SK: My favourite room is the kitchen. It’s the heart of the home and where everyone always congregates whether you like it or not. Because of this, we tend to design kitchens with a more casual approach that incorporates artwork and object display the way you would decorate a living room. Yes, a kitchen needs to be utilitarian but it can also be beautiful and comfortable.
LK: I would agree with Sarah; my kitchen opens up to my living room via an arched drywall opening. My living room is sunken so my kitchen acts as the stage when entertaining. My kitchen has a retro ’80’s vibe which I love as a juxtaposition to my more mid-century furniture pieces.
C: Design rule you don’t subscribe to?
S & L: Clashing colours and patterns. Done tastefully with some restraint, it adds playfulness and personality to any space.
C: Recent project that inspired you?
SK: We had clients that unfortunately lost their home in a 3-home fire. Nothing was salvageable. They loved their neighbourhood and saw this as an opportunity to build from scratch their dream home. They were open to some really cool custom ideas we came up with and even had the sense of humor to let us incorporate a Shou Sugi Ban accent wall in their living room. This is an ancient Japanese treatment of torching cedar plants to help preserve them. The result is a dramatic charred black textured wall. We thought it was a cool homage to their original home.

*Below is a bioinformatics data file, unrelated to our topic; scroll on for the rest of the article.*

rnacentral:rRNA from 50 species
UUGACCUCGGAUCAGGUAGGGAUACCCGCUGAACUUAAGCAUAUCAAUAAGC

LK: Currently we are working with a client that is letting us go bold with colour. We just installed a fuchsia pink stair runner and dark teal pantry wall — not something we get to do every day!
C: Favorite texture/pattern/color?
S & L: We have always be drawn to florals. Flowers have had a consistent presence in interiors for centuries, and we like that you can push the design in so many directions based on the style of floral, colour range, and scale. Seeing as the bones of our interiors are quite modern, the addition of an unexpected floral really adds some personality.
C: What is “good design” to you?
S & L: Listening to your clients’ needs and creating interiors that they would have never imagined that still touch on all their requirements. We feel that the foundation of the service we provide as designers is creating functional and practical environments that are so visually pleasing that you don’t even realize it!
C: Pack your bag! You’re moving into a famous home. Whose is it?